The requirement to inform HM Treasury’s Office of Financial Sanctions Implementation of known or suspected breaches of financial sanction was extended to ‘independent legal professionals‘ * and other ‘relevant businesses or professionals by ‘The European Union Financial Sanctions (Amendment of Information Provisions) Regulations 2017’, which came into force across the UK on 8 August.  

The requirement, which previously applied only to financial institutions, is for relevant professionals/businesses to report to OFSI if they have knowledge of, or reasonable cause to suspect, that

  • a person has committed an offence under the financial sanctions/assets seizure regimes
  • or is a designated power

Failure to notify OFSI is a criminal offence in certain circumstances.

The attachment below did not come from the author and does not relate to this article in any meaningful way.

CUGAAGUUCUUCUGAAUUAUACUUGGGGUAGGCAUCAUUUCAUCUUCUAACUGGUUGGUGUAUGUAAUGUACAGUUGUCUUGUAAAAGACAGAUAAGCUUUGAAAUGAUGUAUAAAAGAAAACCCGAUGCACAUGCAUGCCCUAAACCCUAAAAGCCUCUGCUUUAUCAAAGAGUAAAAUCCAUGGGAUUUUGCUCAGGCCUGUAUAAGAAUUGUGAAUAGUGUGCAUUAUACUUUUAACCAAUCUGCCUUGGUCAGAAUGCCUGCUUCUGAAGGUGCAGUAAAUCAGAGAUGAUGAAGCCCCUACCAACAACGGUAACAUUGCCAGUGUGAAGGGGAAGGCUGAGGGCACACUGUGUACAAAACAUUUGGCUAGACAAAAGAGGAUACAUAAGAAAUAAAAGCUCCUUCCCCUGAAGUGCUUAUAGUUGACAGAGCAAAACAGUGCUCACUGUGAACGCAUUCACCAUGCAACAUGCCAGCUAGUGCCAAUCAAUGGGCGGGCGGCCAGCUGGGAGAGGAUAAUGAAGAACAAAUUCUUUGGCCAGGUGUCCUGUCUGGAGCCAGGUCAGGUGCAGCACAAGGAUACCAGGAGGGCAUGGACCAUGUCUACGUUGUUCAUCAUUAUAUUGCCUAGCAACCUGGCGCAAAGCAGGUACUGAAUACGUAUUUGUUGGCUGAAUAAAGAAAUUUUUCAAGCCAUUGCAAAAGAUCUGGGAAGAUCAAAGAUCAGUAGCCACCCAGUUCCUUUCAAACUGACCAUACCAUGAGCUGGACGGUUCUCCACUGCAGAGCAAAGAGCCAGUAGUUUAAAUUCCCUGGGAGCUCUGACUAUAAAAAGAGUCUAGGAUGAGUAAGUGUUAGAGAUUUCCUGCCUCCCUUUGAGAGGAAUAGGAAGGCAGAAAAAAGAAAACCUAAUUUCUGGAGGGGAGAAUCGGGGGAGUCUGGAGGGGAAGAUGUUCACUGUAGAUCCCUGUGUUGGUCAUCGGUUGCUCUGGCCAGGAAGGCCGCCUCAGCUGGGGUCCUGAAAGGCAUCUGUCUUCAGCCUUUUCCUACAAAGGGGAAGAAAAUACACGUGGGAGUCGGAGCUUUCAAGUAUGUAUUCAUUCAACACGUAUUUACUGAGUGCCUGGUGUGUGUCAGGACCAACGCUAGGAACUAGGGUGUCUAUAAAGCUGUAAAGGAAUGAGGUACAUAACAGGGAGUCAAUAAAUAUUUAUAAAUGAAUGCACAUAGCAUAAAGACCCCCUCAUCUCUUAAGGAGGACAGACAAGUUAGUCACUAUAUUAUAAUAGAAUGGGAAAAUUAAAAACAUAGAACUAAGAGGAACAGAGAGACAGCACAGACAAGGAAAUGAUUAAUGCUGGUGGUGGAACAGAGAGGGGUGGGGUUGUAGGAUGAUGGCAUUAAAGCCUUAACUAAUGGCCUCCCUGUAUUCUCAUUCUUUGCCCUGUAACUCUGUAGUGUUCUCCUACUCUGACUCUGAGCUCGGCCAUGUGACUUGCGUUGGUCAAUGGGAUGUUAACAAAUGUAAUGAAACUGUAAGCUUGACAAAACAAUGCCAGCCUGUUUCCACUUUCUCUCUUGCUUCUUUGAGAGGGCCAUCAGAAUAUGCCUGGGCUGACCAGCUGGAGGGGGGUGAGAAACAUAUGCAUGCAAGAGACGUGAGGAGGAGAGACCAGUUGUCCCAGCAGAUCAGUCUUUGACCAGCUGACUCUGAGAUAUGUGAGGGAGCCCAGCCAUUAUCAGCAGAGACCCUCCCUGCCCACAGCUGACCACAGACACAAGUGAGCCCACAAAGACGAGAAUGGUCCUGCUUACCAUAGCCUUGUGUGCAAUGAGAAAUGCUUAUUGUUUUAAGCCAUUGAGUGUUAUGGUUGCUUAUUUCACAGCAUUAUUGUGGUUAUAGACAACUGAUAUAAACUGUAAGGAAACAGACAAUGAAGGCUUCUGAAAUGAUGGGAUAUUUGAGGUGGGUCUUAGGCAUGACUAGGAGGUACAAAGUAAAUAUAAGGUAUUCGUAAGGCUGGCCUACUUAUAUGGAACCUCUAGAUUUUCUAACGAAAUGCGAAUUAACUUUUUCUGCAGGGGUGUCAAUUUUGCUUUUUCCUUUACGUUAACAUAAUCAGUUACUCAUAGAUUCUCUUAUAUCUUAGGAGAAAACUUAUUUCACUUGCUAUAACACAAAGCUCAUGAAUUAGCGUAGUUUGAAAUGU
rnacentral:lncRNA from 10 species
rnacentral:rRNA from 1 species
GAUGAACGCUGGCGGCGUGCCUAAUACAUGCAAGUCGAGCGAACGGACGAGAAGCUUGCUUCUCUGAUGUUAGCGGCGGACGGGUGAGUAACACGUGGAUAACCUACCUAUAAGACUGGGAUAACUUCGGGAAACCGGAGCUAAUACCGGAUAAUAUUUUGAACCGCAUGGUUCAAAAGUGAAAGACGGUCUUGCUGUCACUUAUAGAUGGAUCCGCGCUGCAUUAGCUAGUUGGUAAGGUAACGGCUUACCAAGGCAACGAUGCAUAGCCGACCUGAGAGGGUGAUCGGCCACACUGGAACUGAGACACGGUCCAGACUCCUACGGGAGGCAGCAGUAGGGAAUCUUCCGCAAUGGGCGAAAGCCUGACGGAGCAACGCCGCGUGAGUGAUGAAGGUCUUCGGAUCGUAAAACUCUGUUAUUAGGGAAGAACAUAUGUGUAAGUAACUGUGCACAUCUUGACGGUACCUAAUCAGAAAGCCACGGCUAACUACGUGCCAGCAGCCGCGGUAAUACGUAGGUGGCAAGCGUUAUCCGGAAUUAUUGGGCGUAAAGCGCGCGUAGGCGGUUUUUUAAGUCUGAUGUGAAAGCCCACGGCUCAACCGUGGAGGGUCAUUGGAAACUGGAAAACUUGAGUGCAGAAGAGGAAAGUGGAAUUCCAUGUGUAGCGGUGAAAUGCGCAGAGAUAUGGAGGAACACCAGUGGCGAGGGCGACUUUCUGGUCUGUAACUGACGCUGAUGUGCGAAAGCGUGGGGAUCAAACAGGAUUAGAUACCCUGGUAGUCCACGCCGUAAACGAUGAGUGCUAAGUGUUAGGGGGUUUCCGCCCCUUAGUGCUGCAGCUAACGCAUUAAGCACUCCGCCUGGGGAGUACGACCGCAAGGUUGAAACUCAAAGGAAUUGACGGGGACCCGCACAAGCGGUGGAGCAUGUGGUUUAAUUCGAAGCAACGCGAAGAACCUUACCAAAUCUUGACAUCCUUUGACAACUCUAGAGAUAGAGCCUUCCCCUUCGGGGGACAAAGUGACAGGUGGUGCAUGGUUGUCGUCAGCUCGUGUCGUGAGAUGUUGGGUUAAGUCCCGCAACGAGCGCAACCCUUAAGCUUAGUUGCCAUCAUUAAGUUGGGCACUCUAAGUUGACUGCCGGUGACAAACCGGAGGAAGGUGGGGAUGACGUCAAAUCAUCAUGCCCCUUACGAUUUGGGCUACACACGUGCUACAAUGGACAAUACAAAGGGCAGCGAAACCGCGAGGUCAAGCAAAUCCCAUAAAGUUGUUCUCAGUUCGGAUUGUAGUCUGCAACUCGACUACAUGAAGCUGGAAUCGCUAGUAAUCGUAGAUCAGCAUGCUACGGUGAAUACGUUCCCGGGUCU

OFSI will add specific guidance on the extension of the reporting obligations to its general guidance on financial sanctions.

Commenting on the regulations, the Law Society pointed out that it was ‘striking’ that they have not been subject either to consultation or parliamentary scrutiny, while the explanatory notes say that no impact assessment was necessary because HM Treasury claims the impact on business will be negligible.

The LS has also asked OFSI for more practical guidance on when the reporting obligation actually arises.

It also wants the guidance to make it clear that firms are obliged neither to undertake further investigations for the purpose of reporting to OFSI nor to report privileged information.

* The regulations define an independent legal professional as “a firm or sole practitioner who by way of business provides legal or notarial services to other persons”.